If you’re not deeply entrenched in Christianity, you might not have heard the phrase “The Great Commission.” You’ve probably heard about it anyway, though. The term refers to the message of Matthew 28:16-20, where Jesus tells his disciples to “go and make disciples of all nations, baptizing them in the name of the Father and of the Son and of the Holy Spirit, and teaching them to obey everything I have commanded you.” There are a few other places in the New Testament where Jesus says something similar, and it’s basically the scriptural basis for evangelism.
At the same time, there’s “The Great Commandment,” which is essentially the Golden Rule. Both God in the Old Testament and Jesus in the New Testament remind people to “love your neighbor as yourself” or some variant thereof. Now, if you’ve ever been the victim the target on the receiving end of evangelism, you might be wondering what happens when the Great Commandment and the Great Commission inevitably come into conflict.
Having had such thoughts before, I was really happy to read this post over at John Shore’s blog, called How Is “Convert, You!” Loving Others? In it, he explains what he’s heard from non-Christians — that Christians’ attempts to convert them are actually offensive and push them away from the faith. He encourages Christians to knock it off!
For Christians to solve their “I love you” / “It’s a shame you’re you” conundrum, all they have to do is realize that what Jesus tells his disciples at the end of Matthew was critical at that time. When he said those words, almost no one but his audience had heard of Christ or his message; then his disciples needed to get out there and spread the word, in order to ensure it survived at all.
But today? Not so much with the urgency. Today, Christians can rejoice in the fact that the Great Commission has been fulfilled. It’s done! It’s over! Yayeth! Christianity is, and has long been, firmly entrenched virtually everywhere in America. Television, radio, video, the Internet, almost as many churches as there are Starbucks: there are infinite information streams about Christianity available 24/7 to any and all. No Christian has to worry about anyone out there being ignorant of Christianity. Everybody knows about Christianity. Which means that in America today, it’s very safe to trust that the reason for which any given person is not a Christian is because they have weighed the evidence and chosen not to be a Christian. (And it’s likely that one of the reasons they so decided is all the Christians forever running around telling everyone else what they should and shouldn’t believe. Most people aren’t keen on joining a club of apparent crazies.)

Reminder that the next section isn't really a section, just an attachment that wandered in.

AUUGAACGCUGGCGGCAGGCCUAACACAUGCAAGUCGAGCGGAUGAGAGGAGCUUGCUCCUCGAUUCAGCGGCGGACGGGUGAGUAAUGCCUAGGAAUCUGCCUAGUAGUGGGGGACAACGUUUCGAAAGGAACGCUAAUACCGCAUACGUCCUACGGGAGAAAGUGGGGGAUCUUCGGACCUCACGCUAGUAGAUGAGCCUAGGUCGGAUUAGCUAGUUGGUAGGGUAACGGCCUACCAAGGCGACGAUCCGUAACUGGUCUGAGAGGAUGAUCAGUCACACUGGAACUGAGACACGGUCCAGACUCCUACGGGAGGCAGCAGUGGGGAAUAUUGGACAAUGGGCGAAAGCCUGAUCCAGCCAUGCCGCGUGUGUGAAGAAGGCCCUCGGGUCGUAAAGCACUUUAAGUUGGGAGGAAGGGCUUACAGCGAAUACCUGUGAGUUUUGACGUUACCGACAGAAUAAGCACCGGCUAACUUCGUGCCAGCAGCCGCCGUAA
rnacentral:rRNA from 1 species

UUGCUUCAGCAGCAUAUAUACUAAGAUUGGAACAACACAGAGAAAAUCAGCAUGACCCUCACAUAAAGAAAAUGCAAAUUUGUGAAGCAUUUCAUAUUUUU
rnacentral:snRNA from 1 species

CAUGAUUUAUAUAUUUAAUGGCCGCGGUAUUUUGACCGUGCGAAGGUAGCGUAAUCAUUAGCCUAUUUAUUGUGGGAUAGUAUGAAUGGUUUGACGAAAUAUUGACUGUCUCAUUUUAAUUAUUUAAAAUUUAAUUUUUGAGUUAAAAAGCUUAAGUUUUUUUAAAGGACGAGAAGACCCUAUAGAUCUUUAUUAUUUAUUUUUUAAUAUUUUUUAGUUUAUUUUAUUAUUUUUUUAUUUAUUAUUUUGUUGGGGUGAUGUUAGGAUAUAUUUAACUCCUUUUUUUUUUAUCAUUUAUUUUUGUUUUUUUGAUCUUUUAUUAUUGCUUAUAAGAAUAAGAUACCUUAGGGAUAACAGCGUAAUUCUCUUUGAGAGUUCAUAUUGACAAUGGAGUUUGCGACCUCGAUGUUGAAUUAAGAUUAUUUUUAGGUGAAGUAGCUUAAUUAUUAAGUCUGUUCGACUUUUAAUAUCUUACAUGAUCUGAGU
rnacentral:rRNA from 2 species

I was so relieved. A Christian who gets it! And not just a random dude, a dude who’s written several books about Christianity, and who makes his living doing so. People read what he writes. People write about what he writes, and people read that. And this guy understands that (many of the) people who aren’t Christian have thought about it but just don’t think there’s evidence for Christianity. Going around and shouting about hell isn’t going to provide us the evidence we require.
So, hooray. The Great Commission is fulfilled. Maybe Christians will stop putting so much emphasis on evangelism now…?
ORLANDO, Fla. (BP)–By an estimated 3-to-1 margin, the Great Commission Resurgence Task Force report was adopted June 15 by messengers to the Southern Baptist Convention annual meeting in Orlando, Fla. …
“We are still brothers and sisters in Christ. We differ on no article of faith. We are guided by our shared commitment to the Gospel itself and to the articles of faith identified in the Baptist Faith and Message 2000. The Southern Baptist Convention is a convention of churches that is committed to a missional vision of presenting the Gospel of Jesus Christ to every person in the world and to make disciples of all the nations. We are a Great Commission people.”
(Source.) So … the Great Commission has not been fulfilled. Still really important if you’re a good Christian. Get all up in everybody’s faces about Jesus, pronto!
This seems like a really fundamental disagreement on what being a Christian means. Interestingly, I found out about John Shore’s writing and about the Great Commission Resurgence Task Force from the same website. Their about page says that they “want to be robustly biblical, richly theological, constantly elevating what God himself in his own Word makes central.” What has God made central in his own Word, then?
How can we tell what real Christians really believe?